The tax rate was raised from 16% to 20%, and college sports betting won't be allowed

Georgia House panel advances online sports betting legislation with changes

“If we make it legal, we’ll get revenue out of it," said Rep. Ron Stephens, R-Savannah, the House Economic Development & Tourism Committee chairman.
Reading time 1:38 min
The measure approved Tuesday by the Economic Development & Tourism Committee would limit betting to pro teams, and limit betting to online devices. The bill would put sports betting under the jurisdiction of the Georgia Lottery Corp.

Georgia's House of Representatives’ Economic Development & Tourism Committee voted 14-6 Tuesday in favor of a constitutional amendment asking voters whether to legalize sports betting in the state.

The state Senate passed the measure earlier this month by a margin of 41-10, three votes more than the two-thirds majority needed for constitutional amendments.
Supporters of legalizing sports betting argue 2.3 million Georgians already are betting illegally on sports each year. “We’re not creating something new,” Rep. Ron Stephens, R-Savannah, the House committee’s chairman, said following Tuesday’s vote, as reported by Albany Herald. “If we make it legal, we’ll get revenue out of it.”

If the constitutional change passes the General Assembly and voters ratify it next year, 20% of the net proceeds from online sports betting would go to the state, up from 16% in the version of the legislation passed by the Senate. Of that amount, 40.5% would go to Georgia’s HOPE Scholarships and pre-kindergarten programs and 20.5% would be set aside for needs-based scholarships. The Senate had added a needs-based component to the mix to benefit low-income Georgians in order to gain votes from minority Democrats.

Another 12.5% of the proceeds would be used to expand broadband deployment in rural Georgia, while 12.5% would be earmarked for mental health services. Three percent would go to help the Georgia Sports Commission attract major sporting events to the state.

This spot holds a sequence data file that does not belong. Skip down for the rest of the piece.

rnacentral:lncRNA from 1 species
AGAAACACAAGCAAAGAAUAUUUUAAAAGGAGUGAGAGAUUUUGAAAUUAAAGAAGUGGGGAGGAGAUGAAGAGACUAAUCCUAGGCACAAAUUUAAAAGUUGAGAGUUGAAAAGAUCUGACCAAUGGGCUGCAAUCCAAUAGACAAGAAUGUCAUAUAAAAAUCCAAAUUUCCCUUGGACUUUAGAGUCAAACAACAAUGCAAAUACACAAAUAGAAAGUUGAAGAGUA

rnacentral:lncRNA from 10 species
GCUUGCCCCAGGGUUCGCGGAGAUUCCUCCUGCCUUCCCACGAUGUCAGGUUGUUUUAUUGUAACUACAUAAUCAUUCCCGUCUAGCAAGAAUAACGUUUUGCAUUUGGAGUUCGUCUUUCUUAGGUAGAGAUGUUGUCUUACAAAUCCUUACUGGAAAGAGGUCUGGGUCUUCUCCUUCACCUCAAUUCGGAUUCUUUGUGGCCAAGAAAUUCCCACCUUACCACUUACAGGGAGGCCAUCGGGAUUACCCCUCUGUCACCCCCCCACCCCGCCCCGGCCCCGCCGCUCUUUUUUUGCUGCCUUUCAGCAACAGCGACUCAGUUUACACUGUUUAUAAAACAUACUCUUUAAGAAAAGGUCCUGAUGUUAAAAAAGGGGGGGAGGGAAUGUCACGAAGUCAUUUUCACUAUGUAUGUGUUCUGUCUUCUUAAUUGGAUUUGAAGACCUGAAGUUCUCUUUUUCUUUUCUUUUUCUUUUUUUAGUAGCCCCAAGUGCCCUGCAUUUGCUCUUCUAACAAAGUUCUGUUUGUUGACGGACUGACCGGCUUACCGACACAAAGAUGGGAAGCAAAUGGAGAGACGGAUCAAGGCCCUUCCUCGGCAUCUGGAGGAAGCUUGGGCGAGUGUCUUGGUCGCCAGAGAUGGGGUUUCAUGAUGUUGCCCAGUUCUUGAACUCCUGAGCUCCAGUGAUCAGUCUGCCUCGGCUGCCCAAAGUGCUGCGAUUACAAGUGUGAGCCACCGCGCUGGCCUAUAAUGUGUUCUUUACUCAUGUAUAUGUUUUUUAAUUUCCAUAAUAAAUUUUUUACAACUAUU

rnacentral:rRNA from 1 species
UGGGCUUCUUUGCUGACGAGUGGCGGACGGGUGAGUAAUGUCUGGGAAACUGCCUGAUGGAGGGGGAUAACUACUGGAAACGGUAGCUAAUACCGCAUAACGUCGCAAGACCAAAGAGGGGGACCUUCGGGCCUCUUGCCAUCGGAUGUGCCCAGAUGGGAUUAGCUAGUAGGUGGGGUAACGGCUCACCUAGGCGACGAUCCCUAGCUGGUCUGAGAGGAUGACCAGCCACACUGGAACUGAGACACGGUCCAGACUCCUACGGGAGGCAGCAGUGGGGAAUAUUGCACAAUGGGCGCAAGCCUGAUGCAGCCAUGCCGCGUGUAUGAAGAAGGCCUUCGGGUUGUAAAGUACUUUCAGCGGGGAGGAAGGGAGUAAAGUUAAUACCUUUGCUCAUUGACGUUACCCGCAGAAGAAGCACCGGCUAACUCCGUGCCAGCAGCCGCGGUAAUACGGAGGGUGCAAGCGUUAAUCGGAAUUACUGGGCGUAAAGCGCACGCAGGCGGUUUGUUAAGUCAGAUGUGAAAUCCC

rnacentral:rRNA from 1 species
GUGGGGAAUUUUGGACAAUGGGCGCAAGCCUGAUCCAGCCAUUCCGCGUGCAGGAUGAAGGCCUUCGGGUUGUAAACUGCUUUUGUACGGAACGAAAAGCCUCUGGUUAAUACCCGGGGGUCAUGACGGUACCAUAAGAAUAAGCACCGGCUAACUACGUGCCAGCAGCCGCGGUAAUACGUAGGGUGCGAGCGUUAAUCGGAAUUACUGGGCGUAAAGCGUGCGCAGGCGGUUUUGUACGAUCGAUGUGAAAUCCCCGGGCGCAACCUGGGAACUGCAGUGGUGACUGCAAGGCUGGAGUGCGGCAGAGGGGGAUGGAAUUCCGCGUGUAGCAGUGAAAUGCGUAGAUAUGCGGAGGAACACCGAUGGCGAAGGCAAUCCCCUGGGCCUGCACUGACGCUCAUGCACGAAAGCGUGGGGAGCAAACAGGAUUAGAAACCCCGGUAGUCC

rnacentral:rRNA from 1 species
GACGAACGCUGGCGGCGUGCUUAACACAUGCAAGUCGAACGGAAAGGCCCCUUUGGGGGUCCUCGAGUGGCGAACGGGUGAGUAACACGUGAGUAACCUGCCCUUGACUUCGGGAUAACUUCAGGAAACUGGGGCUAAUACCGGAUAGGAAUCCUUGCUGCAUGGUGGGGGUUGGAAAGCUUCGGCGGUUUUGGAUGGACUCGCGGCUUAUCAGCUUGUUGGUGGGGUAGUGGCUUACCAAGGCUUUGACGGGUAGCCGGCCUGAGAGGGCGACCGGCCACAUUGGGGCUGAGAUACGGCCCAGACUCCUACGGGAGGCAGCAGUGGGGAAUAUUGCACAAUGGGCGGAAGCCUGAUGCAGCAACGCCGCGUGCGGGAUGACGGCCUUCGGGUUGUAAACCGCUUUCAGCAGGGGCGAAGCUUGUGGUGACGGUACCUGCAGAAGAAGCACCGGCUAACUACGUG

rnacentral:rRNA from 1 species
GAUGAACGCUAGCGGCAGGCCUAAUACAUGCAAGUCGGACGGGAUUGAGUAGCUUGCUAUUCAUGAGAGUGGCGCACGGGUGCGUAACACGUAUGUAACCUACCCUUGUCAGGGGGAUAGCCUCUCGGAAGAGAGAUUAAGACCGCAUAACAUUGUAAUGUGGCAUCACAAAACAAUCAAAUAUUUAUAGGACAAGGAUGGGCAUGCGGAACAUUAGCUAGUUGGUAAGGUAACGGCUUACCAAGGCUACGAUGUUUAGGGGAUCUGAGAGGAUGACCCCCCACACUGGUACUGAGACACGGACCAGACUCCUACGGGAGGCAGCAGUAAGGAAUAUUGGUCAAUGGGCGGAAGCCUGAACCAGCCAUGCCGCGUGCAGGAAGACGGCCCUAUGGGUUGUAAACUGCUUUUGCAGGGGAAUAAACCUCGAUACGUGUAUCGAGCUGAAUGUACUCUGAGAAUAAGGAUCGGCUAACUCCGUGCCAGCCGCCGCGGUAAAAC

Stephens said those percentages are locked into the constitutional amendment, so they could never be changed once voters approve it. “That was important to the minority caucus,” he said.
Stephens said the committee also agreed to remove a provision in the legislation that would have allowed betting on college sports. The version the panel passed Tuesday would limit betting to pro teams.

The committee also agreed to scrap a proposal to establish kiosks at sports venues for betting and limit betting instead to online devices. It also approved a separate “enabling” bill outlining how sports betting would operate in Georgia. The bill would put sports betting under the jurisdiction of the Georgia Lottery Corp. Companies interested in running sportsbooks would pay a nonrefundable application fee, and those selected would pay annual license fees.

Both measures now head to the House Rules Committee, which could schedule floor votes as early as Thursday.

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